CURATING YOUTUBE: INDEXING SCHOLARLY VIDEO RESOURCES: LIBRARIANS CAN DIVE INTO YOUTUBE, NAVIGATING BEYOND THE SURFACE TO FIND REAL TREASURES IN THE DEPTHS.
YouTube is not just for entertainment. This video giant offers much more than music videos and comedy sketches. YouTube provides countless videos in every genre and taste imaginable. Each academic subject has an opportunity to broadcast information to the billions of people viewing YouTube. Even the most serious and technical topics are addressed on the platform. For instance, an increasing number of surgeons refer to YouTube to review surgical procedures.
The panoply of scholarly resources available on YouTube makes this platform relevant to librarians. It provides access to lectures, discussions, and interviews with some of the leading scholars and researchers of our age. Videos include college-level lectures from some of the most prestigious learning institutions on the planet.
This free database provides a unique opportunity for libraries. They can curate its video material and develop video catalogs in a similar manner to catalogs of print material. Librarians can dive into YouTube, navigating beyond the surface to find real treasures in the depths.
As with the internet in general, the key advantage of YouTube can also be its weakness. The sheer amount of content--and the ease with which it can be uploaded--can make the quality of the site's content murky. So how does one begin sorting through YouTube to find high-quality educational content? In an analysis of the quality of surgical videos on YouTube, a study published in the World Journal of Emergency Surgery found that the unregulated nature of the platform allowed for lesser-quality videos to appear more readily than higher-quality ones. Thus, simple keyword searching often won't suffice to find the best learning content on YouTube. There's so much competition that videos with high view counts can bury more informational content.
A search for information-rich content on YouTube is different than a search for popular content. While there is a race among entertainment and business interests to gain view counts in the millions or even billions, high-quality learning content often has much lower view counts. Videos meant to entertain have higher search positions, because they are, well, entertaining. This reality can make it harder to discover high-quality informational content that is not meant to solely entertain.
Let's do target searching. Instead of asking YouTube what it has on psychology, tell it to list its results on psychology from Yale University. Yes, we want to see if Yale (or Harvard) has information on psychology. There is so much content from so many different outlets that librarians have the power to be very picky--so be picky. Don't settle for gimmicky, amateur content. Real scientists and scholars are on YouTube, and a targeted search will find them.
YouTube search strategies follow what librarians have done for generations, just in a digital environment. A librarian is searching not just for any answer but a good answer. Good answers can be found at good institutions. Just as Yale University Press provides high-quality print resources, Yale provides high-quality video resources on YouTube. The evaluation of the institution that publishes the content is a useful way to filter through the abundance of results.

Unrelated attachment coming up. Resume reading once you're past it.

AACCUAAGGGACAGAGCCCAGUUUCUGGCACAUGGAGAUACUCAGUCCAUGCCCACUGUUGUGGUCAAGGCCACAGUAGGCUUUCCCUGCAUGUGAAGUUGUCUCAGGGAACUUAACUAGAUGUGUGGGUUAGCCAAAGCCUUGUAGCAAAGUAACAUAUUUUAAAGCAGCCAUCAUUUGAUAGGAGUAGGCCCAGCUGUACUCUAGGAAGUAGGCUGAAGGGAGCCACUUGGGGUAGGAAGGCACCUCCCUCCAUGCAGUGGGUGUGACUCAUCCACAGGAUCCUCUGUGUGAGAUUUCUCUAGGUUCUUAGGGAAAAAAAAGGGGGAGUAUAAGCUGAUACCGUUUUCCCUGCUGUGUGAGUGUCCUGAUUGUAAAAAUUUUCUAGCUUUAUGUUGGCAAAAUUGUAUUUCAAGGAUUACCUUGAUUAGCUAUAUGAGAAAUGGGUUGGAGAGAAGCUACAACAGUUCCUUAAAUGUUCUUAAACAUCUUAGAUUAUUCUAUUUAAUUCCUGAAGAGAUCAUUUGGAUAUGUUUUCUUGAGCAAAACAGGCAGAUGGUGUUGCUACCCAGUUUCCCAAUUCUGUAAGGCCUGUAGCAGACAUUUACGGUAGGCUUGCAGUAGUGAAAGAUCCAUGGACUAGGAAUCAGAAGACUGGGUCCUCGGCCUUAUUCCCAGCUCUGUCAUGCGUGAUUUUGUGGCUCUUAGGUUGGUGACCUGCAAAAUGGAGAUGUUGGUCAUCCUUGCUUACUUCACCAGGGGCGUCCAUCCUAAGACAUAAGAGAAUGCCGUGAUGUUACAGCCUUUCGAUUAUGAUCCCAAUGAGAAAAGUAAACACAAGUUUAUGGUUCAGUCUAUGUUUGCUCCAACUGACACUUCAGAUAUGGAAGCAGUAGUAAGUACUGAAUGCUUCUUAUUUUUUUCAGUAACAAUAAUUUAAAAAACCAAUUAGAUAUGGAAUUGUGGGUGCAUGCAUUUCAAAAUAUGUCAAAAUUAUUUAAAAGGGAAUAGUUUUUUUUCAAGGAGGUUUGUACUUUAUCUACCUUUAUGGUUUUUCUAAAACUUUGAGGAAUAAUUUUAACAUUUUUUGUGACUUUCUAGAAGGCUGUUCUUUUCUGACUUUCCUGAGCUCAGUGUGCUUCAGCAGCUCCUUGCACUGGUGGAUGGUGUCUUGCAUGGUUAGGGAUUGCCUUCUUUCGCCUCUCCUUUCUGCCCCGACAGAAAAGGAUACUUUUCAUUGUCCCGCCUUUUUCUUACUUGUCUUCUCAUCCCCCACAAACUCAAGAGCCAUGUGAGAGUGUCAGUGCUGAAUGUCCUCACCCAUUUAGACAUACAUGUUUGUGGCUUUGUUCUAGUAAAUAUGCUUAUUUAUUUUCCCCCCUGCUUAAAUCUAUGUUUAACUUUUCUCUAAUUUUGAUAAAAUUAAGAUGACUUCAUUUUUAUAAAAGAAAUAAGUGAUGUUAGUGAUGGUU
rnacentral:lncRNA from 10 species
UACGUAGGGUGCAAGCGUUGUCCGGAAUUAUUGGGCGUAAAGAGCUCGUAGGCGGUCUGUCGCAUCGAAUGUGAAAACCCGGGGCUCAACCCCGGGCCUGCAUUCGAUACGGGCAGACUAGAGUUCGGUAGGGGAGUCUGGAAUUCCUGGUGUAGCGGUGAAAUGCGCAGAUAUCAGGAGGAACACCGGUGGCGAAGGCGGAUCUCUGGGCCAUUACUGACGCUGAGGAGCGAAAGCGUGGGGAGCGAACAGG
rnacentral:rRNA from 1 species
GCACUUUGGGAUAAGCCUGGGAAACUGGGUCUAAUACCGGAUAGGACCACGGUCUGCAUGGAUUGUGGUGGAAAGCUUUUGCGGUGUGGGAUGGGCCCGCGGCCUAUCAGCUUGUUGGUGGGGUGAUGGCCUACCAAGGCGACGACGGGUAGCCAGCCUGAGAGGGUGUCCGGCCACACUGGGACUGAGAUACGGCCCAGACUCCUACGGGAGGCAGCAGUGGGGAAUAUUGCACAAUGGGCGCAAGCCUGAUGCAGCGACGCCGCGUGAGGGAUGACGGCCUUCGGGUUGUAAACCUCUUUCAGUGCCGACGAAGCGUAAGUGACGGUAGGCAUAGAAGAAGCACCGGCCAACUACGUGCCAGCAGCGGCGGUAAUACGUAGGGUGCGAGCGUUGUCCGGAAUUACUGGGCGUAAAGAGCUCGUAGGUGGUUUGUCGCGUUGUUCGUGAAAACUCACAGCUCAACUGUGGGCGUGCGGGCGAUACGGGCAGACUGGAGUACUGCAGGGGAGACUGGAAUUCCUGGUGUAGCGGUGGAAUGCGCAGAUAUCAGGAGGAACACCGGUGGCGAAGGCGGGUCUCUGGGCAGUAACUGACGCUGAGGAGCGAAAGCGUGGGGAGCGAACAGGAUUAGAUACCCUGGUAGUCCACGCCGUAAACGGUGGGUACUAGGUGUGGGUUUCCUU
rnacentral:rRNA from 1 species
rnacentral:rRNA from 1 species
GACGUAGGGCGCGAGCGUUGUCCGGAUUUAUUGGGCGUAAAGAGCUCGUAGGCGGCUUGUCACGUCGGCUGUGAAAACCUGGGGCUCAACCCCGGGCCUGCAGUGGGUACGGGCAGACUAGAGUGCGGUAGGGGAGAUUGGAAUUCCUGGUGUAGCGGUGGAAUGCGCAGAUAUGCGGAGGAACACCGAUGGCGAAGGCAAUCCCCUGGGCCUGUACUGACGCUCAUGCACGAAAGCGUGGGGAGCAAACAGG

Similar to books, YouTube videos have publishers. As with print resources, the publisher of video content can be a good indication of the quality of the content. Publishers are denoted on YouTube's service as channels. A way to approach YouTube is to identify an institution that is authoritative in the subject of inquiry. Let's use astronomy as an example. What institution has the best grasp on astronomy? Check NASA's official YouTube channel.
YouTube's collection is so big that we can cut through the amateur videos and go right to the most authoritative institutions in the world. Answers to health questions really need to come from an authoritative source. Check the Mayo Clinic's YouTube channel. A check mark on the channel profile page indicates that YouTube has verified that it is actually operated by the stated organization. For instance, the YouTube channel FRONTLINE PBS I Official has a check mark on its channel page, indicating it is an official PBS outlet and not a user masquerading as PBS. A detailed About page provides source information about the channel.
YouTube presents librarians with a new frontier and a new opportunity. Let's navigate through the wide ocean and find the route to treasure.
Finding, mapping, and organizing YouTube's scholarly resources can seem overwhelming, given the volume of matter available on the platform. However, it helps to focus on the familiar--familiar universities, government agencies, media outlets, scientific organizations, and research institutions. These are excellent places to start.
In addition to examining the channel's authority, a second limiter that a librarian can set is to filter out channels that tend to produce short snippet videos. Lectures, interviews, and discussions that really have meat to them are longer than 2 minutes or even 10 minutes. Again, there is so much material on YouTube that we can be picky. Get the good fruit.
Table 1 shows that even a short list of high-quality resources can spider outward, leading into a substantial amount of information from the top authorities. The aim here is to dig through the quantity in order to get to the quality. In most cases, the YouTube channel matches the name of the organization. However, there are certain exceptions. For instance, one of Google's channels is called Talks at Google, and Yale's channel is YaleCourses. Table 1 is essentially a publisher (or channel) index.
Table 2 (on the next page) details a specific playlist in each channel. A playlist in YouTube is a group of videos that a user or institution has collated together, as they follow a common theme. For instance, the channel BBC Documentary has a playlist of videos titled The World of Stonehenge. Most channels have multiple playlists, so Table 2 can easily be expanded by simply adding more playlists from the provided channels.
The playlists selected here, in general, contain videos with a large amount of content. And because playlists have multiple videos, each thus offers several hours of informational content. For example, Human Origins (CARTA), produced by the University of California Television (UCTV) channel, has hundreds of hours of lectures and discussions from eminent scientists in anthropology and archaeology, meaning that this YouTube channel harbors a great treasury of anthropological information.